e) Gender. The social construction of male/female distinctions, often described through the idiom of female oppression. Perception of oppression is based on personal appreciation. Male domination of formal economy is prevalent, with women exerting “considerable” informal power. Societies experiencing change often demonstrate conflict and tensions through gender and generational relations.

3) Theories of society
Often related to nation state. But each state contains communities, ethnic groups, interest groups, people who work or live together for a long time and have moral relationship. This presents a tension between ‘face-to-face’ society and abstract national society, where face-to-face societies have more permeable boundaries than state, and the state may be perceived as oppressive, corrupt, or remote.
a) Henry Maine (1861):
i) Status societies. Persons have fixed relationships to each other, based on birth, background, rank and position.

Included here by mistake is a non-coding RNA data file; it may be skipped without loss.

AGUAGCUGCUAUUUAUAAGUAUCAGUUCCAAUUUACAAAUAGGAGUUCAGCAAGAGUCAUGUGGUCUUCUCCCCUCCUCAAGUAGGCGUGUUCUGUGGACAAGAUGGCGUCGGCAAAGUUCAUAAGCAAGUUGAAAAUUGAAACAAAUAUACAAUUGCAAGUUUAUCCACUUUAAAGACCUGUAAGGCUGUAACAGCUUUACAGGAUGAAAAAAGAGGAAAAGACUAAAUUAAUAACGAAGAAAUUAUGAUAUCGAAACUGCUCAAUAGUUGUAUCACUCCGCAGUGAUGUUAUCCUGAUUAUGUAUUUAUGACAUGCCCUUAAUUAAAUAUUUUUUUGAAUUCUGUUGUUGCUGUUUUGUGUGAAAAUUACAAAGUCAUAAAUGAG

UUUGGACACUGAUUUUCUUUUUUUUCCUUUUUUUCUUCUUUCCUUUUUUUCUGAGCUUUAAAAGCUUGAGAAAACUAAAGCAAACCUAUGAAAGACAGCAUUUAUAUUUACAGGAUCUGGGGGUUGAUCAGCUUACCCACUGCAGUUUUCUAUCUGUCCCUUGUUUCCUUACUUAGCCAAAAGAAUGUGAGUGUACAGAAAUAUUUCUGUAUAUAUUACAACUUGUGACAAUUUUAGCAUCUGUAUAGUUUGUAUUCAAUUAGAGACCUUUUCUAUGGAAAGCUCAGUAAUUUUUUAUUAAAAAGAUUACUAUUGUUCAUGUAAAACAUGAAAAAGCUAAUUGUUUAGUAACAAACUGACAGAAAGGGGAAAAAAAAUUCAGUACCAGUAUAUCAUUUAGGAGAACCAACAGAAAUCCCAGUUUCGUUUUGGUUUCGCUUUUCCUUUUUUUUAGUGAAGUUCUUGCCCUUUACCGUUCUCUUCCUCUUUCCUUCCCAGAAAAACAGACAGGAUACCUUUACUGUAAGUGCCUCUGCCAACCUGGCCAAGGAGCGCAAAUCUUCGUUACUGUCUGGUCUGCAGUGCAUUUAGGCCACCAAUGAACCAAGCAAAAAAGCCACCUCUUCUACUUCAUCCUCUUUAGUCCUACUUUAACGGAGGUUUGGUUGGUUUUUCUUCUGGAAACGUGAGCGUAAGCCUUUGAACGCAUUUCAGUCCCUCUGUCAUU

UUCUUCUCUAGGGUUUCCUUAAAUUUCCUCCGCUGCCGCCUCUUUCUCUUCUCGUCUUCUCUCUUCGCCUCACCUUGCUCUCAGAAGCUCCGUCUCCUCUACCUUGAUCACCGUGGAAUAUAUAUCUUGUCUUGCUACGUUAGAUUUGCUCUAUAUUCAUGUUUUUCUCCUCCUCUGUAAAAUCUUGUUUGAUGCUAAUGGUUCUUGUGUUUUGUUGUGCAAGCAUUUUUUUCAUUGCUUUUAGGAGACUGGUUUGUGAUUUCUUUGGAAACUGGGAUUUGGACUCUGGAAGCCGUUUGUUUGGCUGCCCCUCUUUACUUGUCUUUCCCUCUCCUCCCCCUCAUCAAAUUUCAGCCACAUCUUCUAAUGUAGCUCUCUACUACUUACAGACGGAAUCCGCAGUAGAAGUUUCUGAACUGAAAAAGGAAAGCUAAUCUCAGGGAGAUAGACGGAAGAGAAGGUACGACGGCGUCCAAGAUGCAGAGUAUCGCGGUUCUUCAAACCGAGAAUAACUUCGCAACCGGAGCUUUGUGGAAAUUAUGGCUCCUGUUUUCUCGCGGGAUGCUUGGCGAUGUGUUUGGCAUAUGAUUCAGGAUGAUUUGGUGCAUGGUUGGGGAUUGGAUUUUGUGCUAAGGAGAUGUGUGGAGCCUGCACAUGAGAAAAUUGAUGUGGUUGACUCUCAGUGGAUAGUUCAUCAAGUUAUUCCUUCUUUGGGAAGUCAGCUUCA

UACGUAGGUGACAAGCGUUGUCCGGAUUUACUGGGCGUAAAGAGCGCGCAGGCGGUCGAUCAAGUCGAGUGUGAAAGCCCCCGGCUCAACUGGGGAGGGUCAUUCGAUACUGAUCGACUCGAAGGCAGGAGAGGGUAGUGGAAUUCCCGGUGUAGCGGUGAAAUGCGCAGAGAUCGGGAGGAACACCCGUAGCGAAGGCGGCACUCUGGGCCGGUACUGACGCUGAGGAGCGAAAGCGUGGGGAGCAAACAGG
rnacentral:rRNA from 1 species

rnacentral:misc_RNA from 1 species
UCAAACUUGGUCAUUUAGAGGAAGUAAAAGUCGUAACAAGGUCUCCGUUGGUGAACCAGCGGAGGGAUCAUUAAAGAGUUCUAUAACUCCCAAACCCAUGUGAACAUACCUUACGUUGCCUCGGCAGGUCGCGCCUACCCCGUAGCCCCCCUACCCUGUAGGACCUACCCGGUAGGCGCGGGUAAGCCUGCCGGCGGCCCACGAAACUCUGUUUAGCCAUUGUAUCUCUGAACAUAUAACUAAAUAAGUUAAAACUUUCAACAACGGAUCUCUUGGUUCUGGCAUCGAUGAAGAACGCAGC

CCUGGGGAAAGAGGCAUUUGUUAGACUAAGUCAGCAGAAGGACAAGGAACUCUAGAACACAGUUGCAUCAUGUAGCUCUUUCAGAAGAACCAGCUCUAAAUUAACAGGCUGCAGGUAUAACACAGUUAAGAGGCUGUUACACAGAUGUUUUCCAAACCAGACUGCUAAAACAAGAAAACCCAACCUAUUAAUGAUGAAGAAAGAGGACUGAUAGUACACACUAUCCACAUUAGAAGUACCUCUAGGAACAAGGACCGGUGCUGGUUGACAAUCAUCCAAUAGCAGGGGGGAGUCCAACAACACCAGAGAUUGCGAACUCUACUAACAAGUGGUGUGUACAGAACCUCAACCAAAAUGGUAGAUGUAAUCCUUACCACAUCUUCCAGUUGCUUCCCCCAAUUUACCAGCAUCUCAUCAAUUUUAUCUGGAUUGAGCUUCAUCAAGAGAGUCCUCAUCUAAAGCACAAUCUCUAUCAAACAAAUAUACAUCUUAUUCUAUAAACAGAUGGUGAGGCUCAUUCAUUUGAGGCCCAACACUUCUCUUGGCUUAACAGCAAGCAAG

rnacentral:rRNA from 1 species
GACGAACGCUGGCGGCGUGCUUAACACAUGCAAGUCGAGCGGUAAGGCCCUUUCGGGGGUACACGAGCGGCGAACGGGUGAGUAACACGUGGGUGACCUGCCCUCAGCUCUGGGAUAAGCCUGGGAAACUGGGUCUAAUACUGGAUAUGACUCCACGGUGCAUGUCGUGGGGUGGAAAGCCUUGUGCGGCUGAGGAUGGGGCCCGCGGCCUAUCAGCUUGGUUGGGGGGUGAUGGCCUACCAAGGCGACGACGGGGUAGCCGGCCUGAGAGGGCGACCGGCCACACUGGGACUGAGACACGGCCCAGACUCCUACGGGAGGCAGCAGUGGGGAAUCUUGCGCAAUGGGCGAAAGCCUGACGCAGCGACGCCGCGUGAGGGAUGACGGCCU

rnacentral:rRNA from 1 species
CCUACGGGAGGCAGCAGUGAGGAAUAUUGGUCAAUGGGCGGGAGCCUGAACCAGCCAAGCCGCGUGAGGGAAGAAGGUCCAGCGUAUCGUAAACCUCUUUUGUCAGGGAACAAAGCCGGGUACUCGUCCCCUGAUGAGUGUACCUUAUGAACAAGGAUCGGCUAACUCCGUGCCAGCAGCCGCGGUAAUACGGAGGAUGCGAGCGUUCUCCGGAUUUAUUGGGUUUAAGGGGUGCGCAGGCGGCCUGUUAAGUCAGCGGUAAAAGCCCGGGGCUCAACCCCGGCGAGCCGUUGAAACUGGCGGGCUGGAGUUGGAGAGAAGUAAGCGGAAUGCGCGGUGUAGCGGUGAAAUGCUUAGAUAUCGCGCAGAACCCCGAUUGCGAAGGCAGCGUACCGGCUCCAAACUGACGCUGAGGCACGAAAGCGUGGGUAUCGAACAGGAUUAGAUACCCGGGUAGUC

ii) Contract societies. Voluntary agreements between individuals, status based on personal achievement. Perceived as more complex than status societies.
b) Ferdinand Tönnies (1887):
i) Gemeinschaft (community). People belong to group with shared experiences and traditional obligations.
ii) Gesellschaft (society). Large-scale society. Driven by utilitarian logic, where the role of family and local community has been taken over by state and other powerful institutions.
These simple dichotomies are no longer followed by anthropologists as distinct boundaries within society are mutable. Power within a state may reside in political elite, but in ethnically plural states, the ethnic leadership may hold sway, or in poorly integrated states, local and kinship grouping may hold greater power than state politicians.